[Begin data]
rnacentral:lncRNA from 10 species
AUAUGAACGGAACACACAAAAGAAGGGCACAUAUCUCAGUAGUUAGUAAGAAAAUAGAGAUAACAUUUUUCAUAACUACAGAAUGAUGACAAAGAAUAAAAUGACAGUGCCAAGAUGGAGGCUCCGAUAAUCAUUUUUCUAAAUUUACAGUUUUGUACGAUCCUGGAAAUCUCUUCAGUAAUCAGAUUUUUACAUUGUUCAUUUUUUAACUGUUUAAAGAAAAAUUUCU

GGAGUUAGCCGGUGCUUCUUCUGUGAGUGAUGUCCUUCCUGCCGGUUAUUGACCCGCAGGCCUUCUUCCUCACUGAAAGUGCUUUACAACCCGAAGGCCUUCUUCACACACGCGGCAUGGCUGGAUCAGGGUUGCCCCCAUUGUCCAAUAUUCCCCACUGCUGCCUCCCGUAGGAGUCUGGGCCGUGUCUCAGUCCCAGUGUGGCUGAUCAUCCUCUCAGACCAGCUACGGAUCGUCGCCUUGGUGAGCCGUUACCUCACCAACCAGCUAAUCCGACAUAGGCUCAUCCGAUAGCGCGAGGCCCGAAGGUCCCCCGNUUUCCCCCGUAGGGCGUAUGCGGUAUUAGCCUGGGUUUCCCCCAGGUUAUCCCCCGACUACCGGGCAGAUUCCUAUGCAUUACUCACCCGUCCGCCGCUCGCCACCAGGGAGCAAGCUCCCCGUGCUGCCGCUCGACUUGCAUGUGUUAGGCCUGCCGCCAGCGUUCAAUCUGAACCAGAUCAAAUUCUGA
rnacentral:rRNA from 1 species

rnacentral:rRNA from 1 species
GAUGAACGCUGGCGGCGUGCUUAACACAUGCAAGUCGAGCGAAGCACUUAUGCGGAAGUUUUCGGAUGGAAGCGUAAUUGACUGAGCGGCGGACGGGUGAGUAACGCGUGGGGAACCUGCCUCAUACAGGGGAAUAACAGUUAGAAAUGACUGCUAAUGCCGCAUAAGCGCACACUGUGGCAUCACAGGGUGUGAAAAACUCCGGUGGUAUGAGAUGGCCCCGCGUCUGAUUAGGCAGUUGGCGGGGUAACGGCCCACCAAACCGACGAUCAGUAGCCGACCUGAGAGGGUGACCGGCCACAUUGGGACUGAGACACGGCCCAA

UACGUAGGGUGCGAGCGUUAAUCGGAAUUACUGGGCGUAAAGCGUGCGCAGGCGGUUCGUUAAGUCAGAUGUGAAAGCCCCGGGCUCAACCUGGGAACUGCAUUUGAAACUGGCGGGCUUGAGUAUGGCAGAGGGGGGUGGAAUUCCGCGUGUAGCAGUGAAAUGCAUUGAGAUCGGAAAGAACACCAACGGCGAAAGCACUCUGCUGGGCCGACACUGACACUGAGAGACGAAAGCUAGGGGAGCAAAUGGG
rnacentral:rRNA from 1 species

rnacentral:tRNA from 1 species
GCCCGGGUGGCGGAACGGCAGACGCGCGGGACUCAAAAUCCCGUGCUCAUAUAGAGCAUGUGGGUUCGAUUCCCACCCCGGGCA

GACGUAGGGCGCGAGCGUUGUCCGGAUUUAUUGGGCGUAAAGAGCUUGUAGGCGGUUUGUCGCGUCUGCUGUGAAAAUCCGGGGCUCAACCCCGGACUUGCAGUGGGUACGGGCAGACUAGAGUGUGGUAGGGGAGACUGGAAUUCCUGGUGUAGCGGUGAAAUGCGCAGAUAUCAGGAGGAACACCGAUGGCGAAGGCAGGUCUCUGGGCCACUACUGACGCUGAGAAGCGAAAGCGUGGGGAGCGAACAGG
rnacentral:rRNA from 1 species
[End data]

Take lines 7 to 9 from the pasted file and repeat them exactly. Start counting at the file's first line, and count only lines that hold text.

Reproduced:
UACGUAGGGUGCGAGCGUUAAUCGGAAUUACUGGGCGUAAAGCGUGCGCAGGCGGUUCGUUAAGUCAGAUGUGAAAGCCCCGGGCUCAACCUGGGAACUGCAUUUGAAACUGGCGGGCUUGAGUAUGGCAGAGGGGGGUGGAAUUCCGCGUGUAGCAGUGAAAUGCAUUGAGAUCGGAAAGAACACCAACGGCGAAAGCACUCUGCUGGGCCGACACUGACACUGAGAGACGAAAGCUAGGGGAGCAAAUGGG
rnacentral:rRNA from 1 species

rnacentral:tRNA from 1 species